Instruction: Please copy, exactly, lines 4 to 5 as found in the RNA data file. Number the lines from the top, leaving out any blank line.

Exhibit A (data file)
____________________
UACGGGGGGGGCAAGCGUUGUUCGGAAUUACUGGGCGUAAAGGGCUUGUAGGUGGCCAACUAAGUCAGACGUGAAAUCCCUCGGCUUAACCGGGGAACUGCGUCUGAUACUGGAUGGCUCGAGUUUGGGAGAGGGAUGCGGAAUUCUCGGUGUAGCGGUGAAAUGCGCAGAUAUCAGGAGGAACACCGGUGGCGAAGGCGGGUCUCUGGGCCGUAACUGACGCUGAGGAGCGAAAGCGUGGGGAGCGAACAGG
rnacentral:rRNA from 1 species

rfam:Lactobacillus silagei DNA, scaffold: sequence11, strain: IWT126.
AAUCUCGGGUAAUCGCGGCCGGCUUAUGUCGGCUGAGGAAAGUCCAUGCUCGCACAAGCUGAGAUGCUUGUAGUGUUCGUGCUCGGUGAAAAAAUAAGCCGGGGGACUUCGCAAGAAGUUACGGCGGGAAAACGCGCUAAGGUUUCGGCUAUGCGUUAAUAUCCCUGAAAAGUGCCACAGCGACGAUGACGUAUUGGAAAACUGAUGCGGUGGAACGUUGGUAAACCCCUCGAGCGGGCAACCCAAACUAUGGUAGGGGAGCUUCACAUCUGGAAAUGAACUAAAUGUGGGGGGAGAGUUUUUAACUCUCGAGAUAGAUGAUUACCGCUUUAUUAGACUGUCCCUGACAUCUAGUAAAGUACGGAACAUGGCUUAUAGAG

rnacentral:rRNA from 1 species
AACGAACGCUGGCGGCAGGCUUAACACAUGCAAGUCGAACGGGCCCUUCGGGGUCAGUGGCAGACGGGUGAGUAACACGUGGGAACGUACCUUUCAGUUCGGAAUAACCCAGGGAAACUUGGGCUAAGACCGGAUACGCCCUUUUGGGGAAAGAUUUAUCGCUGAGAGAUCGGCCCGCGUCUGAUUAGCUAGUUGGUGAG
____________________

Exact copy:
AAUCUCGGGUAAUCGCGGCCGGCUUAUGUCGGCUGAGGAAAGUCCAUGCUCGCACAAGCUGAGAUGCUUGUAGUGUUCGUGCUCGGUGAAAAAAUAAGCCGGGGGACUUCGCAAGAAGUUACGGCGGGAAAACGCGCUAAGGUUUCGGCUAUGCGUUAAUAUCCCUGAAAAGUGCCACAGCGACGAUGACGUAUUGGAAAACUGAUGCGGUGGAACGUUGGUAAACCCCUCGAGCGGGCAACCCAAACUAUGGUAGGGGAGCUUCACAUCUGGAAAUGAACUAAAUGUGGGGGGAGAGUUUUUAACUCUCGAGAUAGAUGAUUACCGCUUUAUUAGACUGUCCCUGACAUCUAGUAAAGUACGGAACAUGGCUUAUAGAG

rnacentral:rRNA from 1 species